Whether the objective is clever headlines that hook the audience, or long copy that engages and informs the reader and gets them to take action, successful B2B marketers have always realized the importance of carefully crafted words and messages in their marketing plan. But compared to its more prestigious cousin “design”, writing has been an unsung hero.
Even though most people appreciate that writing is an important marketing and communications skill, B2B companies have often been quick to make use of staff who “write well” to tell their stories and produce their marketing content, rather than entrusting it to experienced professionals. They may see it as a cost-cutting measure, but I think it illustrates how the skill is downplayed and unappreciated. The costs that were cut have probably lead to lost growth opportunities, too.
However, there is a significant change going on in the way content is produced and consumed. Social media, search and tech savvy B2B buyers present new opportunities but also new challenges making a writer’s job even more demanding. In the days when marketers could set their own agendas, they had the luxury of time to craft their messages. That is no longer an option. In an social media driven, conversational environment, anything can happen – because the audience is largely in control. Storytelling and company-centric messages are basic ingredients to the marketing plan, but B2B companies now need to face the challenge of listening to content generated by their key audiences through various channels including existing and emerging social media in order to respond to it in appropriate ways.
It requires special skills to put together the right message that encompasses an understanding of the business environment, your company’s offerings and your audience’s realtime needs. It must be written with honesty and integrity, while, if possible, positioning your company as an authority in the industry. It’s not good enough to simply fire off a quick response or write a quick article without due thought. It needs to be crafted clearly, accurately and in the right style with almost as much care as a printed brochure or book. The important new parameter here is speed, and I don’t mean working to tight deadlines. A nimble, appropriate response could lead to a fruitful dialogue with a potential customer, but a poor response could drive them straight to your competitor.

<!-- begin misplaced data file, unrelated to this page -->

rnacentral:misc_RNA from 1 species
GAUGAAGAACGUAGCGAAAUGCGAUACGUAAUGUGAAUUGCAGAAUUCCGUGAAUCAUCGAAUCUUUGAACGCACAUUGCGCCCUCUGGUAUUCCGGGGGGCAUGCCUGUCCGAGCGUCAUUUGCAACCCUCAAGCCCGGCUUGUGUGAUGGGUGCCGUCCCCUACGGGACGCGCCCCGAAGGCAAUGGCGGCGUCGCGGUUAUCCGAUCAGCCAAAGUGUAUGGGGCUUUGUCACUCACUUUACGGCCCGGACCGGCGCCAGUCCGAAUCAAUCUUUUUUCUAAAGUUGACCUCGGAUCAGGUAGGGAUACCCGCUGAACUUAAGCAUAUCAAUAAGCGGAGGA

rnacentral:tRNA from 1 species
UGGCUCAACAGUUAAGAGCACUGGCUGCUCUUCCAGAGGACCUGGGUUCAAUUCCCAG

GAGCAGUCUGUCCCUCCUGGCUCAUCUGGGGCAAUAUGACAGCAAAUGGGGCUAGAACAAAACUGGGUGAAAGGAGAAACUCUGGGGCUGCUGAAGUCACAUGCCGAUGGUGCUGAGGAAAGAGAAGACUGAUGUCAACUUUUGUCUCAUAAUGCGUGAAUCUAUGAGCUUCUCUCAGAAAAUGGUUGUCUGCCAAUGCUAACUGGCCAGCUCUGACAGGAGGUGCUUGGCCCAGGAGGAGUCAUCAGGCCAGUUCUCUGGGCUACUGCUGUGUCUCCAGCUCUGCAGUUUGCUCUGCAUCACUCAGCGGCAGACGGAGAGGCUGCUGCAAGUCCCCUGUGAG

There is no shortcut. It takes years to develop all the necessary technical skills in writing and language; to learn about business (in particular B2B marketing and sales); to understand emerging social media trends; to become a super user in different applications and technology platforms; and to acquire sufficient knowledge of literature. A good storyteller also draws upon his or her own practical, real-life experience and “knowledge of the world”. The CEO, engineer, product manager, financial director, project manager, and similar, who “writes well” is unlikely to have the skills required. And neither should they, because they have learned their own specialist skills that need to be dedicated to the business.
Your marketing plan needs to take into account the newest developments in technology and social media and for any company serious about content marketing in today’s B2B environment, professional writers play an increasingly important role. If you’re lucky enough to have some at your disposal, make sure you look after them well, because they will be a key contributor to your business growth.Like this post? Subscribe now and get notified about new content!